In Praise of Chain Stores

Virginia Postrel, a contributing editor at The Atlantic Monthly, wrote an essay in the magazine's December issue called "In Praise of Chain Stores."

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SCOTT SIMON, host:

This is the busiest retail season of the year, and it's when chain stores really make their money. Now, to some big box stores in America have become the object of disdain, cookie cutter monstrosities that offer the same goods from Banger, Maine to Orange County, California, and to these days Tokyo too.

But not to Virginia Postrel. Her essay in the current issue of the Atlantic Monthly is called "In Praise of Chain Stores." She's a contributing editor there; also the author of "The Substance of Style: How the Rise of Aesthetic Value is Remaking Commerce, Culture and Consciousness." Virginia Postrel joins us from Dallas. Thanks very much for being with us.

Ms. VIRGINIA POSTREL (Contributing Editor, Atlantic Monthly): Great to be with you.

SIMON: Now, where do you think the complaints, at least that you hear, about chain stores seem to be coming from?

Ms. POSTREL: Well, the problem with chain stores is they make every place seem the same, that America is too homogenous, you can't tell what city you're in. Look at all these - you see the Banana Republic and Best Buy everywhere. A lot of the critique about homogeneity is based on the idea that we want places to be exotic when we go to them. We want them to have local color, and we want that local color to hit us over the head.

Most people don't spend their lives traveling a lot. What they do is they stay, essentially, wherever they live and work. And the real question in terms of the retail environment or restaurants in their life is what choices do they have available to them where they are. And what chain stores actually do is make things more similar across different locales, but they provide more variety within a specific location.

SIMON: You take a specific location - Chandler, Arizona, which is a suburb of Phoenix. And I just began to write down some of the stores that you list off: Bed, Bad and Beyond; Chipotle; Petco; Best Buy; Lowes; Apple. All of those places are there in Chandler, Arizona.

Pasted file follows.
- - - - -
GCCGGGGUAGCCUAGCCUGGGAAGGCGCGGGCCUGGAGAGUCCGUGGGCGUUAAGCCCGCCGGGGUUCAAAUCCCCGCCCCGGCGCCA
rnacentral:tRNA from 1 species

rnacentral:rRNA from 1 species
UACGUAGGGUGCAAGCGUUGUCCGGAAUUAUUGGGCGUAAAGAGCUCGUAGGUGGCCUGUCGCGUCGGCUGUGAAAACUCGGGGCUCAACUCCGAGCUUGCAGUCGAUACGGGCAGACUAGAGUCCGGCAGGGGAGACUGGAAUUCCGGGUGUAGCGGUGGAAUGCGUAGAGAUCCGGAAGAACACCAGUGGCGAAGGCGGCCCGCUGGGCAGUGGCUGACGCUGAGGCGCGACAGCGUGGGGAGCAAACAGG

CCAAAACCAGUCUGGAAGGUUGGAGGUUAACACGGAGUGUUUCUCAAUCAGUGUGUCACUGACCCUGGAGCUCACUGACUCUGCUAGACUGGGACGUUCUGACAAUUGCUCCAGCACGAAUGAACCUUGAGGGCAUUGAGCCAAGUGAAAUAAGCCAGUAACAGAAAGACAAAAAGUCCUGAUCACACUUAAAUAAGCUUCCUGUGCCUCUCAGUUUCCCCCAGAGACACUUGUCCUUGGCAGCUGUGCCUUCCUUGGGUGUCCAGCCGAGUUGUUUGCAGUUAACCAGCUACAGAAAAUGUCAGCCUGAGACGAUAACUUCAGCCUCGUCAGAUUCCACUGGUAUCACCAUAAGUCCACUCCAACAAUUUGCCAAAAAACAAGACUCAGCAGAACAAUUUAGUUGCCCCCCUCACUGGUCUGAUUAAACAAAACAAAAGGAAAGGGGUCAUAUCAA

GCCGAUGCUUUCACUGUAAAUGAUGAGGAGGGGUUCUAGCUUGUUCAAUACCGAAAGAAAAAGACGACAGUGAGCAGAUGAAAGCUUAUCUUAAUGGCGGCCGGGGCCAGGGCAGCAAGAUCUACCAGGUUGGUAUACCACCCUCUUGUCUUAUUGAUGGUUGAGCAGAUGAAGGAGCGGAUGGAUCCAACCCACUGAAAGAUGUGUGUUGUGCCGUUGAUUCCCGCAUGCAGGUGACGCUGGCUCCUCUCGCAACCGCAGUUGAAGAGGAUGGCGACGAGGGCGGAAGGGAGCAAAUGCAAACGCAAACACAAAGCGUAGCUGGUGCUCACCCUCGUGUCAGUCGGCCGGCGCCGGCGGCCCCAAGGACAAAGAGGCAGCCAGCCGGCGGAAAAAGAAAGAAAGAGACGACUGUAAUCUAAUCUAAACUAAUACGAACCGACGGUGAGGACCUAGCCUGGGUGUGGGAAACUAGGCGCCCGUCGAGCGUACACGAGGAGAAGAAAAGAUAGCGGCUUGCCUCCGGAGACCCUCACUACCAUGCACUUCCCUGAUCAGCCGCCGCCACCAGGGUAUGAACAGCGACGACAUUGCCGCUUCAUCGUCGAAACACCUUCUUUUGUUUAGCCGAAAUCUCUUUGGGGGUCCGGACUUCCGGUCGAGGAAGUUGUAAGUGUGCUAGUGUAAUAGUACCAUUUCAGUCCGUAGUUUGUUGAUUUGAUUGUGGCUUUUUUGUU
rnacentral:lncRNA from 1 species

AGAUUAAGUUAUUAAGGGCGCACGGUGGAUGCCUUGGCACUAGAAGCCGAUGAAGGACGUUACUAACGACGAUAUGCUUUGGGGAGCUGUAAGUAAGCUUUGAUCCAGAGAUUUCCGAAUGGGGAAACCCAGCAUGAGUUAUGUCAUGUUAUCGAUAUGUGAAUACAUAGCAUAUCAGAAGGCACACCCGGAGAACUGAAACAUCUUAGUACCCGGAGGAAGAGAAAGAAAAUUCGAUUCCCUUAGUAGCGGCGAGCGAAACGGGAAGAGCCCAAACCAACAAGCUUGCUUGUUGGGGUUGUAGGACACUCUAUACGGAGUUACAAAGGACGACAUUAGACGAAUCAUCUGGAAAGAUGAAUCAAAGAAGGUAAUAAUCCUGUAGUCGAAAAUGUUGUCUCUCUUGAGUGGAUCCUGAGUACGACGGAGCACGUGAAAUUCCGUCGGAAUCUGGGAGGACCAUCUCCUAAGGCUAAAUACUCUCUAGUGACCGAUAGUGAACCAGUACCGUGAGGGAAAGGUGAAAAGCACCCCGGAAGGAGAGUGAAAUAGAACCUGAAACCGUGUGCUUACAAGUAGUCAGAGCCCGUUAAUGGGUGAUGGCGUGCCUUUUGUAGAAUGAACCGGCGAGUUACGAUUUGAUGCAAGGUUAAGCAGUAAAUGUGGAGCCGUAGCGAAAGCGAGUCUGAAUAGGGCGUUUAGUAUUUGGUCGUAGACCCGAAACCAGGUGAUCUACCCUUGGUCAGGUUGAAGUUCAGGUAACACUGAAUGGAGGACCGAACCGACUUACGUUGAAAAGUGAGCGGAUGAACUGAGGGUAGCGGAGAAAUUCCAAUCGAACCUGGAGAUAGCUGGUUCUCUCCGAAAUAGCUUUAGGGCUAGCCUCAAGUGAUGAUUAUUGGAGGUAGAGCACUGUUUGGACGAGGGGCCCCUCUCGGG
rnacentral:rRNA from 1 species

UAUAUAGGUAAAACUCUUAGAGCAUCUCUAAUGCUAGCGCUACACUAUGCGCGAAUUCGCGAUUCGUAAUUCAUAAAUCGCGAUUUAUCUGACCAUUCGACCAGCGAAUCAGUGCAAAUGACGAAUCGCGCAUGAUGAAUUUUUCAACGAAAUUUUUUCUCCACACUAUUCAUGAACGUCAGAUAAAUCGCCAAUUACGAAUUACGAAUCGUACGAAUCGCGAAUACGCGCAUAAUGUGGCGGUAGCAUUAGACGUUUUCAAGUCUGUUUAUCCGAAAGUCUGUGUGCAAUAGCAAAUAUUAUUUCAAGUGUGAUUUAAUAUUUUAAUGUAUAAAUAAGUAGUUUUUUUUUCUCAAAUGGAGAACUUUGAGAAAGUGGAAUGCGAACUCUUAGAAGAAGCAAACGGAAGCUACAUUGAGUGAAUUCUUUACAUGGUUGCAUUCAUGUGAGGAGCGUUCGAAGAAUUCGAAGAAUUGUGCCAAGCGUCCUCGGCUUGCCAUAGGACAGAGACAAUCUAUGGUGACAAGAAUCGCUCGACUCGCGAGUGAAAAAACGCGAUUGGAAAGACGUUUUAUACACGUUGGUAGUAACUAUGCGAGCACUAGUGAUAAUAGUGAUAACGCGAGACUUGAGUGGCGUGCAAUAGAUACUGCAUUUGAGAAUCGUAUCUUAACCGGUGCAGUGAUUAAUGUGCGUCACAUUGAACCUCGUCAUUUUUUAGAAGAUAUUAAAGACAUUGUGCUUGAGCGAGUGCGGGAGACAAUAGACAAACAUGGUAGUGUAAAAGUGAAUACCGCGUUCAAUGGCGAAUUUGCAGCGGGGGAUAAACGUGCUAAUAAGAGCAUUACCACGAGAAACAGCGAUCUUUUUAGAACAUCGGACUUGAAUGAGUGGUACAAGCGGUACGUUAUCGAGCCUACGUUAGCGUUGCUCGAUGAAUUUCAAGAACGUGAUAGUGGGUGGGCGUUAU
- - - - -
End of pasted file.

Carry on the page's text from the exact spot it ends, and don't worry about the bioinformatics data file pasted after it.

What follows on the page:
Ms. POSTREL: If you hate chain stores, it's the chain store nightmare. But the fact that they've already got all of these chain stores means that they don't have to wait to cultivate the local entrepreneurial talent to come up with a new idea, develop it into a business, etc. That's all wonderful. That's where these chain stores come from originally; they start out somewhere. Particularly in a fast growing, essentially new city, it would take years and years and years before you could offer the variety that people in Chandler enjoy today if you had to depend only on local businesses.

SIMON: How do you react to the argument, Ms. Postrel, that good, smaller scale, distinctive businesses have been just driven out of business by chain stores?

Ms. POSTREL: I think really well run, really beloved, distinctive local businesses in fact can compete quite well with chain stores, for the very fact that they do offer something different. As they created density, retailing chains can provide the sort of critical mass that's necessary to allow local retailers that are more specialized to have a big enough audience to succeed.

SIMON: Virginia Postrel of the Atlantic. Here essay "In Phrase of Chain Stores" appears in the magazine's December issue. Thanks very much for speaking with us.

Ms. POSTREL: Thank you.

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